Government explains why disciplinary cases against officials are delayed

09 December 2021 - 11:28
Some government departments are not concluding disciplinary matters within stipulated time frames. Stock photo.
Some government departments are not concluding disciplinary matters within stipulated time frames. Stock photo.
Image: 123RF/markhoward

A shortage of labour relations staff, appeals and interference have been cited as some of the reasons for delays in finalising disciplinary cases involving officials in government departments.

This was the response to a recent parliamentary question by DA MP Dr Mimmy Gondwe to the department of public service and administration (DPSA).

Minister Ayanda Dlodlo said the department had investigated why some government departments were battling to conclude disciplinary cases within the stipulated time frames.

“Interferences were reported, where it was alleged that suspensions were sometimes used as a tool to neutralise opposition, or employees from different camps or interest groups. Heads of departments and labour relations officials are scared to address interference due to a fear of retaliation,” she said.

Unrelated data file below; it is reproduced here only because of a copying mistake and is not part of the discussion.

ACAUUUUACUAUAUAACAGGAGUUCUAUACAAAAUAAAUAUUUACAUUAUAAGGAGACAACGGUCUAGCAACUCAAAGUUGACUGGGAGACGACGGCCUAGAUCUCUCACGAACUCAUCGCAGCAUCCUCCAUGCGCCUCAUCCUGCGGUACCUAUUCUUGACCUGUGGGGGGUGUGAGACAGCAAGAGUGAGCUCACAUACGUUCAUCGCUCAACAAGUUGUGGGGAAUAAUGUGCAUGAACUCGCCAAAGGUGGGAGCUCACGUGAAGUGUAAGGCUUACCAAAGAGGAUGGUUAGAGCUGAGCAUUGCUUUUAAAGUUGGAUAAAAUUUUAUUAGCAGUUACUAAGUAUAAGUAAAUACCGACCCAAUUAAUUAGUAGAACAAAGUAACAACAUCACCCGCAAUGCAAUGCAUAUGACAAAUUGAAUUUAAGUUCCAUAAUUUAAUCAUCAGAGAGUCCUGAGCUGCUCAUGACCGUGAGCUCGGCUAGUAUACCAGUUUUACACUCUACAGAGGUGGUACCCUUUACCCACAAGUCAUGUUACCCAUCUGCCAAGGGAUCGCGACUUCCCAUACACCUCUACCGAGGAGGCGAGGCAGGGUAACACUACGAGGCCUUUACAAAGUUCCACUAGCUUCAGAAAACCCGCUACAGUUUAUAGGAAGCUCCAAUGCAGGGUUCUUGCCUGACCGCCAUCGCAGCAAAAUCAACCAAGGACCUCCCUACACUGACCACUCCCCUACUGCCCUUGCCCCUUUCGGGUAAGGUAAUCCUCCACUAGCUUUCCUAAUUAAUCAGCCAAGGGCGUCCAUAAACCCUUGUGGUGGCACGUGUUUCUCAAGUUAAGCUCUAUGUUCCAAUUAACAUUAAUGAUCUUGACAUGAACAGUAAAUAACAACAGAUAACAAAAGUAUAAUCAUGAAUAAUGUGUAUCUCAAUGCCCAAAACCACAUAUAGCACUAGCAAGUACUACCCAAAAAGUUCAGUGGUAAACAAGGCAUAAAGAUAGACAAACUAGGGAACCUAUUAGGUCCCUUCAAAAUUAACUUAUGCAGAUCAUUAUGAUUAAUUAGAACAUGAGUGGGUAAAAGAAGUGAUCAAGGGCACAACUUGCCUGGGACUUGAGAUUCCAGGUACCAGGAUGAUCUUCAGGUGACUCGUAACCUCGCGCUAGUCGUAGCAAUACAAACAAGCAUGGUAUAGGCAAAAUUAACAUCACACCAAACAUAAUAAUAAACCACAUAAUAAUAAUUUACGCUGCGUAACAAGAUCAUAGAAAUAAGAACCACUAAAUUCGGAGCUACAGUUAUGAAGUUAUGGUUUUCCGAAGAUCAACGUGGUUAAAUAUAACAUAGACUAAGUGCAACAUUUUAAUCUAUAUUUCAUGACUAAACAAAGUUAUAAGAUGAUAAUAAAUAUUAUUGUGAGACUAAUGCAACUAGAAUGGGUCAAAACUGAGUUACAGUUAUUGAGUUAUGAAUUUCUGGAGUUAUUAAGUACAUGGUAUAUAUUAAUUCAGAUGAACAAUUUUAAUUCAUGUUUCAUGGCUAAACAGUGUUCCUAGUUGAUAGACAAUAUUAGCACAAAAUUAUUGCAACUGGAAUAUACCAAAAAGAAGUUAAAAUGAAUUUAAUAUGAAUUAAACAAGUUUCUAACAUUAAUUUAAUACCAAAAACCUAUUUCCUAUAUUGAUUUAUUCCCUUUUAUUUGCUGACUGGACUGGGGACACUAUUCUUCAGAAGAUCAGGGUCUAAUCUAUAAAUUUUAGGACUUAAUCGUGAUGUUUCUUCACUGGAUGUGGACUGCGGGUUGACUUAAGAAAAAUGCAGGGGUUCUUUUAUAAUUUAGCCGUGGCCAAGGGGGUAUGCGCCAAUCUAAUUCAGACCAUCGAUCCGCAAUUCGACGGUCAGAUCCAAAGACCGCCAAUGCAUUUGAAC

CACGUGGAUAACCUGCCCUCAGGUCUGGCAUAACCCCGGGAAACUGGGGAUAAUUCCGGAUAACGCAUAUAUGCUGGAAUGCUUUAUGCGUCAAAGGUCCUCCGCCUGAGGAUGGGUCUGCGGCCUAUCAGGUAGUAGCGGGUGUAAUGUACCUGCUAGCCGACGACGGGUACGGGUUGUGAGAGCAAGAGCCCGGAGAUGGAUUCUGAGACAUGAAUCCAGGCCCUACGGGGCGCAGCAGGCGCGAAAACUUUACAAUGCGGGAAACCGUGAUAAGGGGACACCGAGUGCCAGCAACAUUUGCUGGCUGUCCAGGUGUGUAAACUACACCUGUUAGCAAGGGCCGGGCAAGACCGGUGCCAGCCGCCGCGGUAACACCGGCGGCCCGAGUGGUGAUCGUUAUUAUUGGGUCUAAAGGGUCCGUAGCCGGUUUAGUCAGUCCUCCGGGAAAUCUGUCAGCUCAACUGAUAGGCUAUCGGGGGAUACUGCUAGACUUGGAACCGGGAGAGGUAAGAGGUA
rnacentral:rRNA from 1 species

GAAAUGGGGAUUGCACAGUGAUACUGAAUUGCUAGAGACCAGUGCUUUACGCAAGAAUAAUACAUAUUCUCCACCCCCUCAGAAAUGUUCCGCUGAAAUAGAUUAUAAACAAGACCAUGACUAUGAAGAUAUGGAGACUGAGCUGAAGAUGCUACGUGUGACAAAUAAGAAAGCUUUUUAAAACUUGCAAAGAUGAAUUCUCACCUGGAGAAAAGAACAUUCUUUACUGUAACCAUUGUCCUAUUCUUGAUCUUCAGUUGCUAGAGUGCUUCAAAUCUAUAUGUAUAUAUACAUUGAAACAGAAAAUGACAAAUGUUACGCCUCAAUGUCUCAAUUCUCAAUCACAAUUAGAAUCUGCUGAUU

Other reasons included the unavailability of chairpersons in provinces.

“Shortage of labour relations employees. Unavailability of tools of the trade, especially where educators are involved. The complexity of cases is due to sector-specific challenges, such as in education and health,” Dlodlo said in the written response.

To help government departments failing to finalise disciplinary cases within the stipulated time frames, the DPSA launched a project in which the minister held one-on-one meetings with executive authorities of departments identified as having long-overdue disciplinary cases and precautionary suspensions to ascertain the reasons for backlogs and to pledge support, she said. 

“A decrease in suspensions and in the costs of precautionary suspensions, as well as an improvement in the capturing of cases on the Personnel Salary System (Persal) were noted at the end of March 2021. By the end of March 2021, provinces finalised 78% of their backlogs, said Dlodlo.

“The cost of precautionary suspensions for national departments stabilised around R20m per quarter and the cost for precautionary suspensions in provinces decreased to a new low level — almost R25m less than what the year started with.

“The two provinces that had the most precautionary suspensions also managed to reduce their backlogs. The Free State reduced its cost from R12m in [quarter three] to R6m in [quarter four]. KwaZulu-Natal managed to reduce their cost from a high of R92m in [quarter three] to R21m in [quarter four]. The amounts reflected here are based on all disciplinary cases captured on Persal.”

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